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Concepts: Utilizing Jiu-Jitsu Grips to Up Your Game on the Lake Nona BJJ Mats

June 18, 20233 min read

Learn 5 key concepts for Jiu-Jitsu grip fighting and how to be a standout in your grappling/BJJ gym

Location: Lake Nona, FL.

Estimated reading time: 3 minutes

Article by: Combat Republic

Photo by: Howard Graham

Ultimately, the end goal of any grappling roll, match, or self-defense situation is to control your opponent, establish a dominant position, and then submit them. Ideally, utilizing a position before submission approach. And it all starts with good grips.

Not just any grips, but grips that enable you to control you opponent toward your desired position and ultimately your go to submission for his or her type of jiu-jitsu game, example bottom guard player or top player, and body size. 

How does it feel when you train with someone who utilizes grips exceptionally well? 

Personally, I find it highly frustrating…..

Your movement is limited.

You are probably a step or two behind positionally. 

You may not even be able to make your own grips when they have a good Gi grip or collar grip.

When their grip is in the proper position, and you can’t break it, you feel trapped.

So how do you become the practitioner everyone feels trapped with? Well let’s start with these 5 timeless Jiu-Jitsu grip concepts that you will use from white to black belt. 

  • Focus on placing grips correctly: When you place a grip, it should be strategic. Sure, sometimes you need to grab anything you can, but that’s not ideal. The majority of techniques have a correct position to place your hand. And effectively adjusting how you grip the Gi in that specific position can make the technique far more effective than someone who tries to make up for it with strength.

  • Learn how to break Jiu-Jitsu grips efficiently: No matter your skill level, someone will out-grip you. Strength will only do so much. Similar to placing grips correctly, breaking them should be strategic and purposeful as well. Know which grips to break first and understand the timing and mechanics of which way to apply force to your opponent’s hand.

  • Increase your Jiu-Jitsu grip strength: There are many ways to increase your grip strength. Any workout or activity that burns out your hands and forearms realistically works. But utilizing jiu-jitsu specific workouts will help the most. You can even buy tools specifically for the sport, such as JitsGrips.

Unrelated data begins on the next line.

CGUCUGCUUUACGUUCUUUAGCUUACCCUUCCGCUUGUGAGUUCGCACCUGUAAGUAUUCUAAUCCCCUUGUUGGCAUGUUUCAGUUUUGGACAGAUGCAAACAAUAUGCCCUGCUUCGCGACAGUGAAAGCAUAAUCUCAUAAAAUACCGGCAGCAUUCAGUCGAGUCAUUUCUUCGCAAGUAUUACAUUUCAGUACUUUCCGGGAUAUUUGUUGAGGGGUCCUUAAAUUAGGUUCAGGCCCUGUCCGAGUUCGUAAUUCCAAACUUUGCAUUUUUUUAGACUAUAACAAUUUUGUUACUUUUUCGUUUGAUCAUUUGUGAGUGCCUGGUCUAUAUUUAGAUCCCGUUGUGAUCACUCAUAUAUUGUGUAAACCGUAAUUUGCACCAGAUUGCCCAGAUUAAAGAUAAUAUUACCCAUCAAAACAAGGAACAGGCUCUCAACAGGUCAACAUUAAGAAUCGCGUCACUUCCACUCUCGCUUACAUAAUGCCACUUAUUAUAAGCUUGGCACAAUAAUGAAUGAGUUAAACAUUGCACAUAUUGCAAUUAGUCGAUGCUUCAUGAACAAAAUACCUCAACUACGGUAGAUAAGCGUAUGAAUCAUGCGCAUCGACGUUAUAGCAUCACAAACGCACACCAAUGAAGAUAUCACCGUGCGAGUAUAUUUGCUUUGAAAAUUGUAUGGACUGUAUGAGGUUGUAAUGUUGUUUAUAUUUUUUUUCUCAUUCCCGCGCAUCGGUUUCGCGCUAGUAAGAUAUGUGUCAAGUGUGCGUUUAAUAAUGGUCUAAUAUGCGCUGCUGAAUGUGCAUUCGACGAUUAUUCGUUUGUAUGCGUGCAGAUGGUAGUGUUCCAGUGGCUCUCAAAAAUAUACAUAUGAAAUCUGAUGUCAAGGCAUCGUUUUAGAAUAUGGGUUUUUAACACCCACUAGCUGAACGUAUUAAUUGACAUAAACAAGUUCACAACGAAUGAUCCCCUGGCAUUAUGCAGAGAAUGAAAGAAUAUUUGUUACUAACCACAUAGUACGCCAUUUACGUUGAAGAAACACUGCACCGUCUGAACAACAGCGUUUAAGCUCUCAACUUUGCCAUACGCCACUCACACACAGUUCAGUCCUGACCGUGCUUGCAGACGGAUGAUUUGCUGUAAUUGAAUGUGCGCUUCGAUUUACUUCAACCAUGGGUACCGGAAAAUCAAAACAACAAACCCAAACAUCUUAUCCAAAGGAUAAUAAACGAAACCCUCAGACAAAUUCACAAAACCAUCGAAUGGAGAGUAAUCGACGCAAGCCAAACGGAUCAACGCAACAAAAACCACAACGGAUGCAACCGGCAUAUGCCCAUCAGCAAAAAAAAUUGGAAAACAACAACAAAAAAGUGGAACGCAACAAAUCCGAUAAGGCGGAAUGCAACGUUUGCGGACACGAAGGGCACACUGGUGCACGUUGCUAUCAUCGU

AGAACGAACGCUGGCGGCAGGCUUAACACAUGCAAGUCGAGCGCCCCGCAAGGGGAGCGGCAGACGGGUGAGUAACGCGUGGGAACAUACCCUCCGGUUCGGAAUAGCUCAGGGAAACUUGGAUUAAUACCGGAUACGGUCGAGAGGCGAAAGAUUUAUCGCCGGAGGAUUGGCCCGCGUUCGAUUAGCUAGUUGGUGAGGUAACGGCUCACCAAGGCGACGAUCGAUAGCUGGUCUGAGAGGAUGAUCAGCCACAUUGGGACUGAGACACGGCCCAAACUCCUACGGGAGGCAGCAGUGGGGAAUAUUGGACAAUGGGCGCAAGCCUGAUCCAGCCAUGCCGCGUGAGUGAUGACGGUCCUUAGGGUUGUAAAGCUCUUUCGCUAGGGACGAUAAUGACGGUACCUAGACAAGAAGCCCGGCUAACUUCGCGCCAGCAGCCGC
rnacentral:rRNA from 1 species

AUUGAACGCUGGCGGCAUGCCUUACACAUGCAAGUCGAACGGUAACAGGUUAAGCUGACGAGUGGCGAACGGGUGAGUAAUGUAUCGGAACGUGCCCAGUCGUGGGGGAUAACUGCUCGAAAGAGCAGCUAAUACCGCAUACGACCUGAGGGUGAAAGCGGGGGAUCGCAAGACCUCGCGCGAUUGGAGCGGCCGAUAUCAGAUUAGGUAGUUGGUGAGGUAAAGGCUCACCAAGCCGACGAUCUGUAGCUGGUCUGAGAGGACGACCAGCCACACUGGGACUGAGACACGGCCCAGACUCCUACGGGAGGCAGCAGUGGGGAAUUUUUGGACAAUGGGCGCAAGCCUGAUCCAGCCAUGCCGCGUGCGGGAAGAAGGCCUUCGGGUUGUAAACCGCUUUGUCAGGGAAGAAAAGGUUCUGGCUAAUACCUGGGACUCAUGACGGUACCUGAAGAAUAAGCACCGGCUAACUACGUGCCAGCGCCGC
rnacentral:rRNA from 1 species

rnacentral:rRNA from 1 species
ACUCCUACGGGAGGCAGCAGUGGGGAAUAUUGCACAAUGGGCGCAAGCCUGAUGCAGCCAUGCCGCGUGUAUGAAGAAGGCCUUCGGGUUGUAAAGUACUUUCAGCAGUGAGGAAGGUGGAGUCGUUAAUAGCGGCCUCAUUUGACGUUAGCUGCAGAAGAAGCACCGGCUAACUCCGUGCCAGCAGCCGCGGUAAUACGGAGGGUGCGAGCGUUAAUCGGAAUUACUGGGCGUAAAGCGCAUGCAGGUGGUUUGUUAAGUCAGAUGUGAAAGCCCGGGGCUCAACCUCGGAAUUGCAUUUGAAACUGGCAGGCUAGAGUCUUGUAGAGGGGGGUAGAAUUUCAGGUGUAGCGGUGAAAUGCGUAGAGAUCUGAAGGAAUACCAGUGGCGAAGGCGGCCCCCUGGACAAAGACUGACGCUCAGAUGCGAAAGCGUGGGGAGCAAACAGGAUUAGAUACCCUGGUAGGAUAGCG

• Protect your hands: Inevitably, you will injure your hands and fingers if you train long enough. The majority of legitimate practitioners have all broken fingers and hurt their hands at some point. You can’t avoid it. But do your best to limit the damage. Avoid placing your hand in bad positions, be aware of the mat, and don’t let your fingers get trapped in a Gi. And if you need/want to, tape them.

  • Practice: Spending time before or after your normal training with a partner just hand fighting can further develop your hand speed, positioning of your grips, and strength. Especially if you can train with a higher belt or someone who on average has a better grip game than you… iron sharpens iron. 

Even though we use our whole bodies to control opponents, grips are the starting point. It’s usually the first point of contact and can make the difference between being a step ahead or behind your opponent. And if you choose to add a grip strengthening regimen to your training schedule it will pay dividends throughout your Jiu-Jitsu Journey…. Understand how they work and don’t waste opportunities or give them away.

Protect your hands and strengthen your grips. If you plan on training for a long time, then they can become an extremely valuable part of your game, or they can hinder you from reaching that next level. So, know the concepts, practice, and make it your mission to have the best grip in your gym…. People will wonder how you got so good without seemingly changing your game… surprise them and as always, have fun on the mats!  


Jiu-Jitsu gripsBJJGrapplingJiu-Jitsuself-defenseLake nona
Graham Started Jiu-Jitsu in college with the very first class at UCF under Professor Ricardo Liborio. He progressed though the UCF program helping to build it to the largest sports club on campus. While doing this, Liborio offered the position of TA and Graham began teaching the new students that walked through the classroom door. He currently holds the rank of Purple Belt under Professor Ricardo Liborio.

Being the program director at the GYM Graham answers all of the questions people have and ones they don't yet. He also helps teach classes as an assistant instructor.

Howard Graham

Graham Started Jiu-Jitsu in college with the very first class at UCF under Professor Ricardo Liborio. He progressed though the UCF program helping to build it to the largest sports club on campus. While doing this, Liborio offered the position of TA and Graham began teaching the new students that walked through the classroom door. He currently holds the rank of Purple Belt under Professor Ricardo Liborio. Being the program director at the GYM Graham answers all of the questions people have and ones they don't yet. He also helps teach classes as an assistant instructor.

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